Nick Clegg today confirmed that Danny Alexander not Vince Cable will speak for the Lib Dems on Treasury issues during the election campaign as the party battles to avoid an electoral wipeout.
The move means Alexander, currently chief secretary to the Treasury, will take on George Osborne and Ed Balls in any televised debates on the economy during the campaign. But it has been condemned as an "insult" to voters' intelligence by some on the left of the party.
In 2010 the role was handled by Cable, who until the onset of Cleggmania was presented as almost a joint leader of the party by the Lib Dems.
A Lib Dem party source said Cable was "unhappy" with the switch which, while long trailed, will be viewed as a snub. And the business secretary is said to intend to continue to make interventions on the economy during the campaign despite Clegg's shake-up.
Alexander is a key ally of Clegg and is widely seen as the deputy prime minister's preferred choice to succeed him as leader. The job of Treasury spokesman in the campaign will give Alexander the chance to attack the Tories and distance himself from accusations that he is too close to Osborne.
The move is not wildly popular with the grassroots left of the party. Naomi Smith, the chair of the Social Liberal Forum, said Clegg had "given a gift to the Tories on the economy" by appointing Alexander.
She told The Huffington Post: "In a recent Lib Dem Voice survey, 70% of grassroots respondees said they didn't think Danny Alexander should be the Liberal Democrat's Shadow Chancellor. Of those, 65% preferred Vince Cable and 5% wanted 'someone else'. It's not difficult to understand why.
"Activists know how trusted and popular Vince Cable is on the economy. He prophetically predicted the 2007 crisis, perhaps unsurprising given his vast experience. On top of his academic accolades, he was Chief Economist at Shell before entering politics. Danny's economic credentials are more limited, his last job prior to entering politics was Press Officer for the Cairngorm National Park.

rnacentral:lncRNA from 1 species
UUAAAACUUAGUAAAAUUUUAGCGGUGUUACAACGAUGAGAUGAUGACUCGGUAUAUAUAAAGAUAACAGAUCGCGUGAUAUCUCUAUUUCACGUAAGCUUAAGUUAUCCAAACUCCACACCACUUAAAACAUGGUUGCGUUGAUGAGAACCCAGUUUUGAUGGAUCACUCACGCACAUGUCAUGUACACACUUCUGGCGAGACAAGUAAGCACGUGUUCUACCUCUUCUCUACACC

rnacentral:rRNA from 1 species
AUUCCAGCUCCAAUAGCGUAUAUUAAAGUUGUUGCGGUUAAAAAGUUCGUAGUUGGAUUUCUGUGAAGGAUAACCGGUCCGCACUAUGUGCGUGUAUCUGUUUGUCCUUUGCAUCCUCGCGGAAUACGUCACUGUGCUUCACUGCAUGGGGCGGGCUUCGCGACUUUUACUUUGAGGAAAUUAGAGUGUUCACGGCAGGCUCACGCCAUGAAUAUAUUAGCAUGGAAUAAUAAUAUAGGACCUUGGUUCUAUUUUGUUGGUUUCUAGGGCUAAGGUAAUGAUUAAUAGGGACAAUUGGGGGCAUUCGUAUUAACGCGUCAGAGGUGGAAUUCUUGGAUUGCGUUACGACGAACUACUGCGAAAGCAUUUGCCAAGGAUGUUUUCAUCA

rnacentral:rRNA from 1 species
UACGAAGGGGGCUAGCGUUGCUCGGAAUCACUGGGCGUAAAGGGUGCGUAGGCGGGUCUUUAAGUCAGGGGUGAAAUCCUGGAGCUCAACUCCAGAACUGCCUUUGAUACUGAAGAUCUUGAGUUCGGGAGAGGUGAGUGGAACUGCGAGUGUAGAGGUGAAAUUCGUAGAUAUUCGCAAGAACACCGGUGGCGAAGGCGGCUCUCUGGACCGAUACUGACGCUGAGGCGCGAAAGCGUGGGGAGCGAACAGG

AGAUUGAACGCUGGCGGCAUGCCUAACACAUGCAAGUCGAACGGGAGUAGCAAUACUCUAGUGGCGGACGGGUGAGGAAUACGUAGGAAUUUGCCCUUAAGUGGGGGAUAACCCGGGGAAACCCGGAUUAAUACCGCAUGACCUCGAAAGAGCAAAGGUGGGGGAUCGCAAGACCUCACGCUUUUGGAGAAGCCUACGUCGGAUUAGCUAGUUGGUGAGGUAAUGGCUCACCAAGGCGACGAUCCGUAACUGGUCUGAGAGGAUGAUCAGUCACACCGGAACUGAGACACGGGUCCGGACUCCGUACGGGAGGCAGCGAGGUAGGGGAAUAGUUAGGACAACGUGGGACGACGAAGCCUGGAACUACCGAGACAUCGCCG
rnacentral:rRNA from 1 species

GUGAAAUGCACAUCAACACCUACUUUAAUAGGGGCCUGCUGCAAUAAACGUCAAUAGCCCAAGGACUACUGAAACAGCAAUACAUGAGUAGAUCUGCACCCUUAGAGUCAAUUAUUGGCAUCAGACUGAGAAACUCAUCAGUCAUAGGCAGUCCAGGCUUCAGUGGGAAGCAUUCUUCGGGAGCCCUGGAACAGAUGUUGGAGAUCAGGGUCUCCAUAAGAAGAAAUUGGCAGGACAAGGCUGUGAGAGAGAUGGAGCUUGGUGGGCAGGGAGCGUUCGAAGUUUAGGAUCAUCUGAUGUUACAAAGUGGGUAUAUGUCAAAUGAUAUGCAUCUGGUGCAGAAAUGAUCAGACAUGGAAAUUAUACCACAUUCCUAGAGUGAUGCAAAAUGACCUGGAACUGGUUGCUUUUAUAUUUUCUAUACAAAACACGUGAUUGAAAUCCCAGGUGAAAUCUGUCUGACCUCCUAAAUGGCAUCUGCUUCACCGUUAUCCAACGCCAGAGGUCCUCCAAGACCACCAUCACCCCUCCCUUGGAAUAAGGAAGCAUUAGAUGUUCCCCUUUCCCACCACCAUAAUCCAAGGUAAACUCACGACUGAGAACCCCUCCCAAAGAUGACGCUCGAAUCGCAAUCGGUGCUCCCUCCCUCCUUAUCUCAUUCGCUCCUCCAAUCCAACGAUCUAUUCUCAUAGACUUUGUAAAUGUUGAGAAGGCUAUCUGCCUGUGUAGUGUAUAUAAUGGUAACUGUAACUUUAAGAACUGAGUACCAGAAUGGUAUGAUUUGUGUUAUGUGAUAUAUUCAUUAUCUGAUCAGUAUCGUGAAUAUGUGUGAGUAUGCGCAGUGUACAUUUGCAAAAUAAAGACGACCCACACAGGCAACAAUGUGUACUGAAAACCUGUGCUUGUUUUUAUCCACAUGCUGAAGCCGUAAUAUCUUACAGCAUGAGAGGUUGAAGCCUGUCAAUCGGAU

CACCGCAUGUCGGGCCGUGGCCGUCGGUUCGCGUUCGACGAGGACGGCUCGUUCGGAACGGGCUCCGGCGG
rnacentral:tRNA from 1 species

"Voters believe Vince when he speaks about the economy because he is authentic - he has consistently called for a deviation from Osbornomics and for greater capital spending. He understood the need to rebalance the economy, away from over dependence on the casino capitalism of the banking sector. Danny on the other hand, has been a Treasury champion, supporting his boss, George Osborne.
She added: "Voters aren't stupid - they won't believe that Danny has suddenly had an about-face on the economy. Liberal Democrat activists know that we mustn't insult voters' intelligence on this issue, and they know that Danny won't be as adept, or as credible, in taking on Osborne during debates. By choosing Danny over Vince, Nick Clegg has once again just given a gift to the Tories on the economy."
The 2010 Lib Dem battlebus even featured Cable's face
Confirming the change today, Clegg said his election team would "stand up for the liberal values of openness, tolerance and compassion in the face of those who peddle grievance, fear and blame".
As the Lib Dems do not have ministers in every department, Clegg has had to hand some election portfolios to MPs not in government.
Former party president and likely leadership candidate Tim Farron has been given the foreign affairs brief and Sir Nick Harvey, who was sacked as a defence minister by Clegg in 2012, comes back as defence spokesman.
In a further sign that Lib Dem MPs are positioning for life after Clegg, energy secretary Ed Davey publicly revealed he would like to take over the party.
In an interview with LBC radio last night Davey said it was not "unreasonable" to want to lead the party when Clegg "hangs up his clogs". He added: "If one day it falls to me to lead it, then obviously, I’d like to do that."